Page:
The 26-year-old man was convicted of two counts of murder and three of attempted murder, while the judge said he deemed him so culpable that in this case life would mean life.
“The victims had no chance of escaping the hail of bullets,” said Judge Olaf Arnoldi in his statement.
The man, identified only as Mehmet Y., fired 12 shots at the car in which his former wife was sitting with four members of her family. Last August's attack in the north central district of Wedding shocked the German capital, largely unused to gun violence.
“It was a planned attack,” said Judge Arnoldi.
The prosecution argued that three months after his divorce, Mehmet Y., had acted out of “revenge, hate and jealousy.”
He had not accepted the separation, the Tagesspiegel newspaper reported.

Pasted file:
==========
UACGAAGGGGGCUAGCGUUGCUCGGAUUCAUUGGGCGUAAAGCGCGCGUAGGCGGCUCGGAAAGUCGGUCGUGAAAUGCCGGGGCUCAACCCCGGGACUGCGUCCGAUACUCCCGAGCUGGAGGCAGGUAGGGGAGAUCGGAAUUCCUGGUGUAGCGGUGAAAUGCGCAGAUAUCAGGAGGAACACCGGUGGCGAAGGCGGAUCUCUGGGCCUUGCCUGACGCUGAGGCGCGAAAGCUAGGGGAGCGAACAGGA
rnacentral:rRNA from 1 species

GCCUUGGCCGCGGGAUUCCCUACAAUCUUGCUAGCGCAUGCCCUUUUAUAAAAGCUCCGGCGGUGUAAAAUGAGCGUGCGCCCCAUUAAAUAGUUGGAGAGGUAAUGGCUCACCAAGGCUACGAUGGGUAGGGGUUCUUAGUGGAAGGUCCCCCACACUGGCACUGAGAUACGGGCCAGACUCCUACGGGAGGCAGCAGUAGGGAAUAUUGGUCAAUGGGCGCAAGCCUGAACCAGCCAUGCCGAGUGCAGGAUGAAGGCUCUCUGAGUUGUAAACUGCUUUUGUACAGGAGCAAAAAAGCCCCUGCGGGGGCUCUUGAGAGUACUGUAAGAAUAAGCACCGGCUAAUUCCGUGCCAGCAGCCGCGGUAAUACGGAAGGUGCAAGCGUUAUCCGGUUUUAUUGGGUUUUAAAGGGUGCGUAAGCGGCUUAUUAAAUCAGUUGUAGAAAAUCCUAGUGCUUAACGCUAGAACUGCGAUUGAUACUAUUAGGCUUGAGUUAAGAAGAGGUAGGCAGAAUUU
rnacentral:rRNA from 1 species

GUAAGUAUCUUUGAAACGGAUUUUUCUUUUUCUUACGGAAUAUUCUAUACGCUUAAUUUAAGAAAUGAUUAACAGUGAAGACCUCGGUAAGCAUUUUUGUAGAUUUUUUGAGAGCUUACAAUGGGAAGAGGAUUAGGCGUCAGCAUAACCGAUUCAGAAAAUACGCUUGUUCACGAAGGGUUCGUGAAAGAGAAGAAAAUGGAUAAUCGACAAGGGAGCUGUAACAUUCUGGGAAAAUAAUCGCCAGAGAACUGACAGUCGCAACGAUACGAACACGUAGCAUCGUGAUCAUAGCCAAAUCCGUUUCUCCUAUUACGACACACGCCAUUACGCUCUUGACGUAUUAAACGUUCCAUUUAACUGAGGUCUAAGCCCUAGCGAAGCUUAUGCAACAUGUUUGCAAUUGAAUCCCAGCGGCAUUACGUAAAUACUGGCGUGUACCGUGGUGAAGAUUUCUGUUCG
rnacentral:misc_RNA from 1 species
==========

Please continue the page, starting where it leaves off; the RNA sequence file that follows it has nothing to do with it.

The paper said he jumped up in court, shouting, “Lies, lies, lies, from A to Z. I cannot tolerate it.”
He had often disrupted the trial with tirades against his former father-in-law, who he blamed for his wife's moving back home after the separation. The separation was allegedly due to his bullying and violence.
“They never gave me a chance,” he said during the trial. “I swear by Allah that I did not mean to fire at the people,” he said, suggesting that he did not see the five people in the car.
His defence lawyers argued that he was mentally ill and had heard voices. They had called for him to be put in a secure mental institution, and said they would appeal the sentence.